National Poetry Month: Echo Edition (Part 1)

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In conjunction with National Poetry Month, Echo Media is proud to introduce our first ever Poetry Special! We’ve compiled 6 equally compelling poems for you guys, each written by a member of our very own Creative Writing Team. 
Here are the first 3 poems, be sure to stick around for Part 2 *wink*. 



by Natasha Effendy 

“Temple” is a poem that talks about self-love, caring for yourself and femininity within subtle religious imagery. Based on the phrase “my body is my temple”, the poem highlights loving your own skin and accepting it. At the same time, it also emphasises how you have to personally build your own sanctuary in order to grow. This involves growing and watering your fruit and flowers, being vulnerable and finding solace within nature’s reach. But such efforts are never easy, so my poem is a reassurance; that it’s okay to struggle to establish your temple and make it yours. 

Gif Source

you say your body is your temple. 

you pray to your structure and form 

and preach your sacred roots 

in the name of self-love 

as you purified yourself 

in the nearby lake- 

you had your bones ground up 

to make the cement walls 

that wrapped around you like skin

and your hair grew long enough

so you could take shelter

under the heaviest of rains 

and the blood that flew in your veins

became the holy wine and water 

that formed part of your nature. 

but why do you also take part 

of the exquisite agony 

of a capitalised self-alterations

that break down the doors 

of your beautiful temple? 

you poke holes into your walls 

with all these filler needles

and you erode the cement down 

with implants and piercings- 

it breaks my heart, really 

because i watch you make these 

decisions and artificial changes

onto what you deemed holy 

because this is painful to me, 

to have your temple ruined by 

the words of someone unworthy. 

your body is your temple only- 

you don’t have to hurt your body 

or wear your walls down

for the benefit of society 

who keeps calling you ugly. 

i think there is no such need 

for you to abuse your body 

with unhealthy routines 

that feed you just bad things

instead you making sure 

you’re feeling good and clean 

because the definition of pretty 

is forever ruined by somebody 

forever poisoned by jealousy 

because they cannot achieve 

your level of goddess-like beauty; 

i want you to water your flowers

and nurture them religiously. 

immerse yourself in nature 

and make use of the wasteland 

that exists between you 

and hundreds of fates. 

open the doors and the windows 

so that your temple can breathe. 

i want you to plant some trees

so you can harvest the fruit 

of your hard-earned labour, 

and savour the sweet, sweet taste 

of what it’s like to live on earth.

i want you to reflect underwater 

and fertilise the soils of your story 

so you can grow the colours

for the painting of your temple. 



To Be A Poem

by Lillian Lai Ruey Yee


I have always been the type to bite my tongue-

To watch the way it wraps around my words and swallows them whole.

Holes and abysses of missed timings 

and things I should have said

And sentences I wish I could rewrite and 

rewrite and 


Surround myself with witty words until by proxy,

I, too, am a sentence.

I, too, was crafted to have more meaning than just 

a spit-slicked, flesh-and-bones sewed body.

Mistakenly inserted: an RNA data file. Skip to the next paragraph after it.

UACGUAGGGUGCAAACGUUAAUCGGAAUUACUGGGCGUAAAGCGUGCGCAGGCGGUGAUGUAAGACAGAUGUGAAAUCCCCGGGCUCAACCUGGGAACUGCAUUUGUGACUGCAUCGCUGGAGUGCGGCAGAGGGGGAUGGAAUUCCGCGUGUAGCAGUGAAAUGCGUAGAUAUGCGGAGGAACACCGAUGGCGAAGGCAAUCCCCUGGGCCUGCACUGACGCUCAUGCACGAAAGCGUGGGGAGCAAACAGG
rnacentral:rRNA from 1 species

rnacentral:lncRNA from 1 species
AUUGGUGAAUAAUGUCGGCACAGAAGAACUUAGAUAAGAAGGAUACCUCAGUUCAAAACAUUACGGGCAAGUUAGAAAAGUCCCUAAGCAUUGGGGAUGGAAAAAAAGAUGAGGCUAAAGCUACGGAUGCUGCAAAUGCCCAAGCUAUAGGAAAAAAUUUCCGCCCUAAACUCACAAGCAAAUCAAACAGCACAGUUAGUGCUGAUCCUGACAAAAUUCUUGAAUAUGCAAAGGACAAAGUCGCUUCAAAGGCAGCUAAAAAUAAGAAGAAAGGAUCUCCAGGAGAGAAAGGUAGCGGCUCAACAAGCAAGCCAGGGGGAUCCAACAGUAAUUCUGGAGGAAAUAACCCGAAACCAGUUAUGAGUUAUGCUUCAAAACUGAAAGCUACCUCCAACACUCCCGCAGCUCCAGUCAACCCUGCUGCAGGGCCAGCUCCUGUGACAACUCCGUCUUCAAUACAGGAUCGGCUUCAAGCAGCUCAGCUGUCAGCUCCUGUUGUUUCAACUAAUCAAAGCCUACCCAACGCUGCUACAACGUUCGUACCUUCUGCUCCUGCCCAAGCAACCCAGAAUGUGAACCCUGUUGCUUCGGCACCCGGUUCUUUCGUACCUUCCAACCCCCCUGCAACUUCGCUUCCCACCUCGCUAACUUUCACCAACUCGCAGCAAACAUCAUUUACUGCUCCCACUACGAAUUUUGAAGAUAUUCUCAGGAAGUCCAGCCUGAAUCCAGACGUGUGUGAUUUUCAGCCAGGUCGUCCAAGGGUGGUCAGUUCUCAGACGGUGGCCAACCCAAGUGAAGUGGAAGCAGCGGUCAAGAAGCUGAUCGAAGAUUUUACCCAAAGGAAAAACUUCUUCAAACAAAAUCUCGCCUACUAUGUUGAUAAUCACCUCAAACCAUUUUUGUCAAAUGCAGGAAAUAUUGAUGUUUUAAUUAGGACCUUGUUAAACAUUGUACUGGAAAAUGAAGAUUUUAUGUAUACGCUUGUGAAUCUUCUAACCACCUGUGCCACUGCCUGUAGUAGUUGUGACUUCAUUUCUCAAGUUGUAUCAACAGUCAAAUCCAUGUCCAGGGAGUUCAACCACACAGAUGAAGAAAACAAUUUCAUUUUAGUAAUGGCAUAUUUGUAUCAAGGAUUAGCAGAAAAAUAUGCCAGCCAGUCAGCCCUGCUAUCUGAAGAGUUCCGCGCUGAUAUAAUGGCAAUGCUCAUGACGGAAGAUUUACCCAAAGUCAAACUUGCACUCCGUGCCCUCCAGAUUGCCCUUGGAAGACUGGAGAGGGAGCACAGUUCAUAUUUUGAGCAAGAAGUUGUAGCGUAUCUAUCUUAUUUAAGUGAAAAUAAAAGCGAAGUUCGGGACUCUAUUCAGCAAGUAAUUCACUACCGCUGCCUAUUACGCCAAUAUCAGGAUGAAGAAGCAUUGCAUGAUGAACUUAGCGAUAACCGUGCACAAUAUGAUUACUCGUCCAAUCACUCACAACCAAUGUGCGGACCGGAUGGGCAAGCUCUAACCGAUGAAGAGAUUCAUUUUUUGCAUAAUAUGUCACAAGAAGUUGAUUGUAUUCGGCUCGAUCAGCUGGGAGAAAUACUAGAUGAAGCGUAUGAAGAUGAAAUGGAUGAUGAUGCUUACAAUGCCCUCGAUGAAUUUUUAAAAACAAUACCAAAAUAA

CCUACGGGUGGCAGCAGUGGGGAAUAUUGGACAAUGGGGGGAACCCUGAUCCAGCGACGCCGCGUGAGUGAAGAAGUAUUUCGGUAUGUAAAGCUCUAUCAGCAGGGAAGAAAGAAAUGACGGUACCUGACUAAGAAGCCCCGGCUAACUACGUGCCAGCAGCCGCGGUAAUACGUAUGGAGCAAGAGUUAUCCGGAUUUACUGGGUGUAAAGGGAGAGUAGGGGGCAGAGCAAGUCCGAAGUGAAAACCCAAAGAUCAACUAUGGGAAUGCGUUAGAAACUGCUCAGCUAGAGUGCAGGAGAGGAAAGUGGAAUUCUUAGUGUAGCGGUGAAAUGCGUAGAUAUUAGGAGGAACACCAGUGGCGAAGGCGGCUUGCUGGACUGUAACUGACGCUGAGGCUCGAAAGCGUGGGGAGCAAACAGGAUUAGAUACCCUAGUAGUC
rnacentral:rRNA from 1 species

More than paper mache:

shape and skin of a person,

a pin pricked balloon body,

All the parts of me I beseech myself to be.

You see, I long to be the poem instead of the poet.

I want to be written into stanzas of shifting moods, and spoken into existence-

How nice it must be to be carved into a caricature of beauty?

In poetry, even your pain can be picturesque:

You can paint your fears into a simile,

And plate your insecurities into consumable; bite-sized.

Into relatable, into just a little bit personal

But not too much, never too much.

I want to be just enough.

Just enough to fit into three minutes, or 300 words,

Or the same number of syllables in each line

Or telling the same story enough times

It starts to sound like it is worth something.

Somebody once told me, mouth set and spoken firmly:

“Poetry is not about the poet, it’s about the poem”

I don’t remember their face but 

I remember their words- verbatim.

Maybe if I am the poem,

If my skeleton   was the structure

If my blood were the way it flows off the page

If my skin were the words I never meant to say

But my breath were all the sentences I could rewrite and

rewrite and


If I am the poem,

Perhaps I will be enough.



Fleur De Lys

By Shay Azman


Glass skin; chalcedony, 

Soft touch; warm as milk,

Smile still; sweet as honey,

Pale voice; songs of silk,


Eyes wide; dimmed yet hopeful,  

Thick roots; laced with ebony,

Modest frame; humble and faithful

Blush strokes of lilac stained peonies,


False tale of her fragility;

They’d say; Sing, grin but not loudly,

Twirl, spin, dance with agility, 

Pray, sin, but not proudly,

For there she was, a sight of a deity

In all the land, stood the tamest lily.


“Be my little flower; delicate and docile”

Where is the tenderness in your calling?

“Chin up, little flower, show a sweet smile,”

Why do I find you ever so appalling? 


Wait for me, stay with me, say to me;

“I am your flower”, 

How unfortunate it is he could not see,

I will not comply; And be your flower

Why is it that he had a say in what I was to be? 

This sense of foreign and undeserving power, 

He who knew nothing of me,

Though bright and docile, she was never a flower,

She was always a bee.


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